Comparing SLAM results using ROS and evo

Comparing SLAM results using ROS and evo

While working on another blog post I fell into a rabbit hole of comparing SLAM packages using ROS. This blog post briefly describes how I managed to compare the results of two SLAM packages by using evo Python package.

Background

Recently I’ve started working a lot with various SLAM packages in ROS using the Robosynthesis dev platform. I figured that opening RVIZ, displaying the robot model in the map frame and saying “yeaah, that looks about right” might not be necessairly the best way to evaluate the quality of SLAM.

What my data lacks is groundtruth as at the moment I don’t have a way to capture it. This post describes the way to evaluate output of two SLAM methods against one another.

evo

I found evo, while doing research for my newsletter Weekly Robotics and featured it in issue #58. As per the description on project website:

This package provides executables and a small library for handling, evaluating and comparing the trajectory output of odometry and SLAM algorithms.

The thing most interesting for us in the scope of this blog post is that it supports bag files!

Gathering the data

To gather the data I run the robot around my office with all my mapping stack running and made sure that the robot surveyed enough area to build a good map. The next step was to run 2 SLAM packages using the data from my .bagfile. To do it correctly you need to ensure your bag contains only the data of interest, hence rosbag filter comes handy:

rosbag filter slam.bag bag_filtered.bag "topic == '/clock' or topic == '/rr_robot/joint_states' or  topic == '/odometry/filtered' or topic == '/scan' or (topic=='/tf' and m.transforms[0].header.frame_id != 'map' or topic=='/tf_static')"

The most important things we need from the bag are clock, laser scan topic and the whole tf structure except the map->odom transform if your setup follows REP-105.

After these steps we shold have a set of raw data that we can use to run some SLAM packages from the recorded input. The main reason I find it useful is that it allows tuning the parameters to some extend and rapidly visualise the change in quality.

Rebagging the data

The next step that I performed was to run the slam package of choice with the recorded data. Couple of pointers:

  • Make sure to set use_sim_time parameter to true
  • Run your bagfile with –clock argument
  • Visualise everything in rviz to make sure your data is working correctly. I advise displaying the map and pose of the robot

When running the SLAM node make sure that you record the bag file (let’s call it run_1.bag) of your run, this time record all the data as we won’t be filtering this again.

After you have grabbed the run_1 you can re-do the experiment with another package and create run_2.bag file.

Extracting the data

Evo currently works only with geometry_msgs/PoseStamped, geometry_msgs/TransformStamped, geometry_msgs/PoseWithCovarianceStamped and nav_msgs/Odometry topics. That means that in case of most SLAM packages that I used to date you can’t use it directly as most of them provide map->odom tf transform.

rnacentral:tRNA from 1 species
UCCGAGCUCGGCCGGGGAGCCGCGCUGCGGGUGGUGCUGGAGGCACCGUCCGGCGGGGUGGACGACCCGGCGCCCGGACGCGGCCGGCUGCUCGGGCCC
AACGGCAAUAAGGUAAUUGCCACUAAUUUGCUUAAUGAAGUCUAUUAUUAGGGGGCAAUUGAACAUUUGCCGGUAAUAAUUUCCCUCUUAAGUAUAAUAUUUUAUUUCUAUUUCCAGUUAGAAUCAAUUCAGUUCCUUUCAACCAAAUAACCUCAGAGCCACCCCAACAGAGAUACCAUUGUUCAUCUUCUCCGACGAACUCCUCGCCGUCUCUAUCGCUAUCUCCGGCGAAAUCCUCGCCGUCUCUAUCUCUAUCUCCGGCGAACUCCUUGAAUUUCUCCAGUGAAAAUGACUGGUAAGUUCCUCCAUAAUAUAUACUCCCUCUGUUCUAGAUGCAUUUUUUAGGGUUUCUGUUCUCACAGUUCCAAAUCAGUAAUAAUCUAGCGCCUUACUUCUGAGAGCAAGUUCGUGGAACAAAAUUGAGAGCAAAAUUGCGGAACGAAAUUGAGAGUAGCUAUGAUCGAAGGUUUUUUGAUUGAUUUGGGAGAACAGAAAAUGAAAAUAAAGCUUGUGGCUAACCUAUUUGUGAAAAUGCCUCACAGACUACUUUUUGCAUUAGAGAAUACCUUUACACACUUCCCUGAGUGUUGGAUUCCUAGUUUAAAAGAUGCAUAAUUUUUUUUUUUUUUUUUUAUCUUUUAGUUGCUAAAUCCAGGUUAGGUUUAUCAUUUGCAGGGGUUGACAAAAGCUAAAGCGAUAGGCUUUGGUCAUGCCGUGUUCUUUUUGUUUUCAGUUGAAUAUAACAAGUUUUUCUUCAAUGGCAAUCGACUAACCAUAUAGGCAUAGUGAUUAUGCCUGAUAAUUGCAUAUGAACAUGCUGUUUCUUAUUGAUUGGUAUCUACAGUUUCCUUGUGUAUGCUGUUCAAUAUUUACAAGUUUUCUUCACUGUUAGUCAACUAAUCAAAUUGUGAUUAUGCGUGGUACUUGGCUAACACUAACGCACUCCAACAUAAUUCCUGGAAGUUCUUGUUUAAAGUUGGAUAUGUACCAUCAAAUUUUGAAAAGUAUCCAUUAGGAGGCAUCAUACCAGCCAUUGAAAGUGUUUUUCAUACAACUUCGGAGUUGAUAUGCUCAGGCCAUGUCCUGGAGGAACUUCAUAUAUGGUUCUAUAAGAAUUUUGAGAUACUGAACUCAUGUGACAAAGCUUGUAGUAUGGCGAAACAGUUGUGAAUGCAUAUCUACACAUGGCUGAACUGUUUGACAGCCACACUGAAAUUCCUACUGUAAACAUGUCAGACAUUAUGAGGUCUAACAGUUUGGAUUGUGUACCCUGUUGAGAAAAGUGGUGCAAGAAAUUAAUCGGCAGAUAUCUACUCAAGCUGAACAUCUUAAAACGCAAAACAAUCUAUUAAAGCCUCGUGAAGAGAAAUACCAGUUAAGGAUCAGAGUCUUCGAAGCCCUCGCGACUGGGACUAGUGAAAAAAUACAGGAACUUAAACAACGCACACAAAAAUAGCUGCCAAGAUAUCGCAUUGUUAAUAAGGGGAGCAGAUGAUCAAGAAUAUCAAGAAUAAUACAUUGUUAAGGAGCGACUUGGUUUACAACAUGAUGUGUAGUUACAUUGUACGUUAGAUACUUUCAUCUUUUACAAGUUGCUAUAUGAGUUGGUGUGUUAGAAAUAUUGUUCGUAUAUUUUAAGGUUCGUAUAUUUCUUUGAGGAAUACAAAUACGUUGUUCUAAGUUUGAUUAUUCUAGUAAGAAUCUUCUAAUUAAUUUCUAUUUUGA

Luckily evo repository contains a file we can use for our needs. In short this script will look at the bag file and will create a pose topic between two frames of interest. This is exactly what we need now and we will run it twice on our run_*.bag files:

WARNING! The methods below are destructive, make sure you keep copies of your original bag files.

./record_tf_as_posestamped_bag.py  --lookup_frequency 15 --output_topic run_1_pose --bagfile run_1.bag map base_link
./record_tf_as_posestamped_bag.py  --lookup_frequency 15 --output_topic run_2_pose --bagfile run_2.bag map base_link

The above scripts assume that your map frame is called ‘map’ and the base_link is a reference point on your robot and is called ‘base_link’. Running the script our bag file will only contain a single topic named run_*_pose.

Merging bags

At the moment it is not possible to run evo with two bagfiles as input therefore we will need to merge them. The way I did it was by running this script:

./bagmerge.py run_1.bag run_2.bag -o merged.bag

Working with evo

Having the data with two topics (run_1_pose and run_2_pose) we can now get some metrics on our solutions using commands like:

  • ‘evo_ape’ - absolute pose error
  • ‘evo_rpe’ - relateive pose error

You would run them as follows: evo_rpe bag merged.bag run_1_pose run_2_pose --plot and you would see the following output:

Relative Pose Error results on my data

What I’m showing here is probably a tip of the ice berg, for more information about evo please see the wiki.

Results discussion

The most important thing I’m lacking in my comparison is the groundtruth. Without it we can’t be certain which of the results is more correct but if you had an access to a system that could provide a groundtruth this approach should be working very well and you should be able to use groundtruth straight out of the box.

I think that the process I described in this blog post is a bit complex at the moment but it should be quite easy to streamline it. If you have some ideas how to improve it let me know!

Mateusz Sadowski

Mateusz Sadowski
Robotics consultant

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